The price has most definitely been right for stonefruit suppliers in the past year. With the weather affecting crops in a number of key regions, the category has seen 5.6 per cent price inflation at UK retailers, adding over £20 million to the category’s value [Kantar Worldpanel, 52 w/e 20 May].
It seems higher prices could well be set to continue given ongoing weather problems. In Spain, Catalonia’s stonefruit harvest is substantially down thanks to inclement weather and poor fruit set, with the latest forecast from Afrucat pointing to a 17 per cent fall in output to 471,430 tonnes.
The biggest falls come in nectarines (-19 per cent to 207,310t) and flat peaches (-18 per cent to 127,560t), but round and clingstone peaches are also down 13 and 12 per cent, with the crops expected to weigh in at 114,250t and 22,310t respectively.
In Italy, the peach and nectarine crop is expected to be around 1.1mt this season, just below 16 per cent down on last year’s record volume, though that at least offers the country’s producers and exporters some hope of a stable market following recent episodes of highly damaging oversupply.
Elisa Macchi of Italian organisation CSO described it as a “more balanced” forecast, with decreased output more or less throughout the Italian peninsula resulting from recent poor weather.
In Emilia-Romagna, Italy’s largest stonefruit supplier, volumes are expected to be 15 per cent down on the previous season, with a 10 per cent fall in both Piedmont and Veneto.
Speaking at the recent Macfrut trade fair in Rimini, Macchi commented: “In the south we estimate a decrease of 33 per cent for the earliest harvest, 15 per cent in the early period and 25 per cent for late peaches.”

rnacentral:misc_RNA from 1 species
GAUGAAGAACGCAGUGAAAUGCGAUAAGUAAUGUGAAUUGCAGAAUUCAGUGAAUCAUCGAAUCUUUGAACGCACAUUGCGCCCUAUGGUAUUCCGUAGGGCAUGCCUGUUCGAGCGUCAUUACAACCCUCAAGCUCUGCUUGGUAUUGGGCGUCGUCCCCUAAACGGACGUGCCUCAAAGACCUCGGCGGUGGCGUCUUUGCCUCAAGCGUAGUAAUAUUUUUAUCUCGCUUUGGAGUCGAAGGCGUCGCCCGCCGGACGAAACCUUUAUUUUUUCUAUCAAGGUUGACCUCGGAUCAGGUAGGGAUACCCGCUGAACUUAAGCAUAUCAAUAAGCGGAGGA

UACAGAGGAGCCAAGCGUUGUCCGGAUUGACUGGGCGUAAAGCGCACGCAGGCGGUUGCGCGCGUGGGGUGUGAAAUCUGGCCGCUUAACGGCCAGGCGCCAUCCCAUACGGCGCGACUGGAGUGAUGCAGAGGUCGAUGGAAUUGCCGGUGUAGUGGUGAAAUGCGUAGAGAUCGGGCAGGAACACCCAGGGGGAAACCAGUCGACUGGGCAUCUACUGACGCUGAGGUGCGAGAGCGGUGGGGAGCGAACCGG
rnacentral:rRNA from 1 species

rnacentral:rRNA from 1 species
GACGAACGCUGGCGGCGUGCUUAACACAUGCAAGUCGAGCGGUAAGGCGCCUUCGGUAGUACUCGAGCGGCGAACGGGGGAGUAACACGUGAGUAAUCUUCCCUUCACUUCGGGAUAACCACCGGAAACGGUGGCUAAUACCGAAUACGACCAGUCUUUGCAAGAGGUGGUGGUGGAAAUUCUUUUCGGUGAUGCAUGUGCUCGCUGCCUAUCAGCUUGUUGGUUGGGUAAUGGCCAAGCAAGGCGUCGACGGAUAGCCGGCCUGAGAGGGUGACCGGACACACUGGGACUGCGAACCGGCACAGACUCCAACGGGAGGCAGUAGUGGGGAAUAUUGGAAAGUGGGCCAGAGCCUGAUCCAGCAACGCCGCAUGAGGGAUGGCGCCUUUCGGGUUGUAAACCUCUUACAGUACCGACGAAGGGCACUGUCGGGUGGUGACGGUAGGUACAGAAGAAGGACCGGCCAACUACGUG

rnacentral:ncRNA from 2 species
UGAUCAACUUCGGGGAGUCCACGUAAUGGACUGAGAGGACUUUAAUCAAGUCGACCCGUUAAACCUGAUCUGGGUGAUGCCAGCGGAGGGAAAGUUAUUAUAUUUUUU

Despite these production challenges, the good news is that it doesn’t seem to be affecting sales, with plenty of signs that the wider stonefruit offer is resonating with consumers. A 1.4 per cent increase in volume sales is good news given the price hikes, and with purchase frequency also up by 2.1 per cent there is much to cheer.
Cherries are continuing their upward curve and are growing their share of the stonefruit category, thanks in no small part to increased plantings and investment from growers. Newer varieties such as Sentennial and Sequoia have also extended the season, according to Berry Gardens’ chief executive Jacqui Green. “We are anticipating double-digit growth this season with good size fruit, and we will be picking within the next few weeks,” she added. “We anticipate volume will increase due to several factors including the Giselle rootstock, increased covered production and varietal development extending the season.”
Technology is also boosting the production sector, with Sarah Neaves of grower AR Neaves in Kent reporting that installing an optical grader has led to the tripling of packing speed at the company’s packhouse.